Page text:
An apostrophe is an address – or a question – addressed to someone or something – i.e. an apple? The person – or thing – doesn’t have to be present – or living.
Examples of familiar apostrophe poems include:
- 'Milton' by William Wordsworth
- Julius Caesar and King Lear by William Shakespeare
- "Ode on a Grecian Urn" by John Keats
- "Childe Harold's Pilgrimage" by Lord Byron
- O Captain! My Captain! by Walt Whitman
- "The Sun Rising" by John Donne
One of the more famous contemporary poems is Sylvia Plath’s “Daddy”:
It’s a poem from our archives – Negative Capability: Vol XIV: 1& 2, 1994. The poem is by Nicholas Stix – who in 1994 was in Brooklyn, NY.
MAKING PANCAKES IS AN EXACT ART
Please do no call to me, Mother,
While I am making pancakes,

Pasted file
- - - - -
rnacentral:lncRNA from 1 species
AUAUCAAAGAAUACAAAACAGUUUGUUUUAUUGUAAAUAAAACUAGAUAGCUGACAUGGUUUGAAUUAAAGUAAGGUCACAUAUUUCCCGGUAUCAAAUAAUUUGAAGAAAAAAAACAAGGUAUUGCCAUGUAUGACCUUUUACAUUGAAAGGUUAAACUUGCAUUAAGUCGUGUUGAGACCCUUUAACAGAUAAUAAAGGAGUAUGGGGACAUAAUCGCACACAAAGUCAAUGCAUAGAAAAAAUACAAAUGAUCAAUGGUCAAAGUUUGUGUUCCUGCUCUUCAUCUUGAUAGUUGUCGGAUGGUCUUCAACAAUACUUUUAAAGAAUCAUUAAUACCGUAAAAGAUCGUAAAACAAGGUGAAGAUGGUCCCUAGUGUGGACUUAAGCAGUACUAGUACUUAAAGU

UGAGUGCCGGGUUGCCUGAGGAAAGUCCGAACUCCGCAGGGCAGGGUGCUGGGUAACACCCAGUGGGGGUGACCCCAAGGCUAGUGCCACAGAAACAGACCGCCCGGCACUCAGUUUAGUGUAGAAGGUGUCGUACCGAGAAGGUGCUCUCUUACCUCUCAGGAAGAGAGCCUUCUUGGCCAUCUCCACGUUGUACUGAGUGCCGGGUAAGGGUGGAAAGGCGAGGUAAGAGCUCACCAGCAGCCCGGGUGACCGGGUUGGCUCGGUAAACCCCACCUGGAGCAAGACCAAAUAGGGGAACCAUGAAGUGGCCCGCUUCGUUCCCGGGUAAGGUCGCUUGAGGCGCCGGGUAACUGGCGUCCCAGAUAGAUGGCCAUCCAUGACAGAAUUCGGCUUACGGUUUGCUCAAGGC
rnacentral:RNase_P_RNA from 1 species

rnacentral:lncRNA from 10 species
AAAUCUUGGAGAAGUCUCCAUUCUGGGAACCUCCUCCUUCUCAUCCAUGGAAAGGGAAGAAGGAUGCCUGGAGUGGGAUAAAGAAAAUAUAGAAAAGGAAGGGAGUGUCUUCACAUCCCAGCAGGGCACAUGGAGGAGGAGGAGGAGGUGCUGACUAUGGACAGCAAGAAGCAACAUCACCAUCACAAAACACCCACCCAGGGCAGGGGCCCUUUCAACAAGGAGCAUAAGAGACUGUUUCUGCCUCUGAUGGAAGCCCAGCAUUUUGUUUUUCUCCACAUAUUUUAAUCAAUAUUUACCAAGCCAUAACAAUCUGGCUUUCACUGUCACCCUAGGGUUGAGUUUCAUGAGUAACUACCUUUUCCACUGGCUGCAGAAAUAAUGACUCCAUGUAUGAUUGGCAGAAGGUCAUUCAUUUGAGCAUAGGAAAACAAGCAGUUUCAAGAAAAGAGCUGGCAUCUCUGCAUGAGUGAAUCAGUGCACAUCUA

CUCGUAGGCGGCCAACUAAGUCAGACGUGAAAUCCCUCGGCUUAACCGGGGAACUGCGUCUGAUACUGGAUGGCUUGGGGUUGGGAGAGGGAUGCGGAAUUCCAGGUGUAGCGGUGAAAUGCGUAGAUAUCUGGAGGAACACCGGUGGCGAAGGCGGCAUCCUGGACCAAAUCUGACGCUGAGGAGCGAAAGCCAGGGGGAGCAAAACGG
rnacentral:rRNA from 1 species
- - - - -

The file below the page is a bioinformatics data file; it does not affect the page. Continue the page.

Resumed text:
The making of pancakes
Is an exact art,
Nothing may come bet ween a man
And the particular pancake
In his pan,
This is known as
For I have wept and prayed,
And fasted and suffered,
And partaken of many
A burnt pancake,
And this I have learned:
Making pancakes is an exact art.
I can think of several people and things this morning I could address:
Eve’s apple / Spring Hawthorne (Today is the first day of Spring 2015), my dog, panting / my sister whom I can no longer call on the phone), My father, my dead father (after Lissa Kiernan), my lisping computer / my husband who is having at our bathroom mirror . . .
The apostrophe has a wide range of possibility. Try it.